Are COBRA Payments Deductible for Income Tax Filing?

by Jane Meggitt
Whether  you can deduct your COBRA payments depends on the percentage of your income paid for medical expenses.

If you've been through a tough life event -- such as job loss or divorce -- and lost your employer-sponsored health insurance, you might pay for COBRA coverage until you can find new health care. Named for the federal Consolidated Omnibus Budget Reconciliation Act of 1986, COBRA allows those eligible to continue purchasing health insurance at group rates. Depending on your adjusted gross income, your COBRA payments might be tax-deductible.

COBRA Premiums

The Internal Revenue Service does allow you to deduct your COBRA premiums as part of your medical expenses, but there's an important caveat. You can deduct medical expenses only to the extent they exceed 10 percent of your adjusted gross income. You are still absorbing the cost for that 10 percent. Still, COBRA premiums usually aren't cheap, and if your income isn't particularly high, those costs and other allowable medical expenses could hit the 10 percent threshold.

Other Medical Expenses

If your COBRA premiums don't add up to at least 10 percent of your adjusted gross income, but other medical expenses might put you over the top, find out what the IRS does and doesn't allow for deductible medical expenses. Doctor and dentist visits, hospital treatment, addiction rehabilitation, and the transportation to get there, are among the expenses you can deduct. You can't include any cosmetic procedures or products used primarily for cosmetic purposes, health club dues, vitamins or nutritional supplements or over the counter medications. Unless a doctor prescribed a weight-loss program specifically for health reasons, such expenses aren't deductible.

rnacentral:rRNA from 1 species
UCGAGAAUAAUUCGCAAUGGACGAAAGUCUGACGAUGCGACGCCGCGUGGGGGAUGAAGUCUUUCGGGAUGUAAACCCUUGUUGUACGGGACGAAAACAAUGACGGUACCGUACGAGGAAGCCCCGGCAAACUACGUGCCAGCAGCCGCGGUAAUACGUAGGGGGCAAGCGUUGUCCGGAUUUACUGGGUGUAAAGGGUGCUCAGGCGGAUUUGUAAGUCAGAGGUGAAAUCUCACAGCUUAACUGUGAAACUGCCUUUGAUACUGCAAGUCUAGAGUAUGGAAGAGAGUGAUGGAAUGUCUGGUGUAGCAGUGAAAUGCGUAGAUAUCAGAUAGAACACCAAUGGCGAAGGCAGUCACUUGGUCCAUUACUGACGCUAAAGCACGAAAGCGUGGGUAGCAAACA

Itemized Deductions

While you can deduct your medical expenses that exceed 10 percent of your adjusted gross income, you must also itemize your deductions to receive the benefit. For 2013, the standard deduction for an individual taxpayer is $6,100, while for a married couple filing jointly the amount is $12,200. If the total of your deductible expenses -- including mortgage interest or state and local taxes, along with medical costs -- is less than the standard deduction, you're better off not itemizing.

Non-Beneficiary Payments

In most cases, the beneficiary bears the responsibility for paying all of the COBRA premium payments. However, there could be instances in which an employer pays part of the premium, or an ex-spouse might agree to pay part of a COBRA payment as part of a divorce agreement. Only the COBRA premium you pay yourself counts as potentially deductible.

About the Author

Jane Meggitt has been a writer for more than 20 years. In addition to reporting for a major newspaper chain, she has been published in "Horse News," "Suburban Classic," "Hoof Beats," "Equine Journal" and other publications. She has a Bachelor of Arts in English from New York University and an Associate of Arts from the American Academy of Dramatics Arts, New York City.

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